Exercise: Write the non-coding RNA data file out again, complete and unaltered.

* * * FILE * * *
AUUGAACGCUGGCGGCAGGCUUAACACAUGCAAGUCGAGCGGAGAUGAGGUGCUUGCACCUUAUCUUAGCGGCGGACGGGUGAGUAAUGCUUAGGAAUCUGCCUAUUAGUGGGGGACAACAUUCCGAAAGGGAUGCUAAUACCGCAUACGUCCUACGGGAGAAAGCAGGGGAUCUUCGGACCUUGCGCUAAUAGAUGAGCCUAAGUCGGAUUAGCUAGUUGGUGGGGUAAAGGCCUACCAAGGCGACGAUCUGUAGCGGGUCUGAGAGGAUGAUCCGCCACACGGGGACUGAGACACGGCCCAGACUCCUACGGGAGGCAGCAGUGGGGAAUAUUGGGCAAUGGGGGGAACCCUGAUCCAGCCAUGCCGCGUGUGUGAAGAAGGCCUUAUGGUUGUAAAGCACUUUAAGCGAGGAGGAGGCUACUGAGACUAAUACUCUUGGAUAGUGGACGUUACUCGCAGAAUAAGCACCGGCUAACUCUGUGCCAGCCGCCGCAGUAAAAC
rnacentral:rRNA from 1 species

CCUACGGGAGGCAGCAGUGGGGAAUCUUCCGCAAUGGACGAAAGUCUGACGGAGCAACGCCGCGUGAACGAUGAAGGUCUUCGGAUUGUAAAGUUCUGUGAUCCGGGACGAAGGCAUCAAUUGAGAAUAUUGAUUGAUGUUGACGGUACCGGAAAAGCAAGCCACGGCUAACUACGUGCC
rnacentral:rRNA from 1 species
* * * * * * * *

AUUGAACGCUGGCGGCAGGCUUAACACAUGCAAGUCGAGCGGAGAUGAGGUGCUUGCACCUUAUCUUAGCGGCGGACGGGUGAGUAAUGCUUAGGAAUCUGCCUAUUAGUGGGGGACAACAUUCCGAAAGGGAUGCUAAUACCGCAUACGUCCUACGGGAGAAAGCAGGGGAUCUUCGGACCUUGCGCUAAUAGAUGAGCCUAAGUCGGAUUAGCUAGUUGGUGGGGUAAAGGCCUACCAAGGCGACGAUCUGUAGCGGGUCUGAGAGGAUGAUCCGCCACACGGGGACUGAGACACGGCCCAGACUCCUACGGGAGGCAGCAGUGGGGAAUAUUGGGCAAUGGGGGGAACCCUGAUCCAGCCAUGCCGCGUGUGUGAAGAAGGCCUUAUGGUUGUAAAGCACUUUAAGCGAGGAGGAGGCUACUGAGACUAAUACUCUUGGAUAGUGGACGUUACUCGCAGAAUAAGCACCGGCUAACUCUGUGCCAGCCGCCGCAGUAAAAC
rnacentral:rRNA from 1 species

CCUACGGGAGGCAGCAGUGGGGAAUCUUCCGCAAUGGACGAAAGUCUGACGGAGCAACGCCGCGUGAACGAUGAAGGUCUUCGGAUUGUAAAGUUCUGUGAUCCGGGACGAAGGCAUCAAUUGAGAAUAUUGAUUGAUGUUGACGGUACCGGAAAAGCAAGCCACGGCUAACUACGUGCC
rnacentral:rRNA from 1 species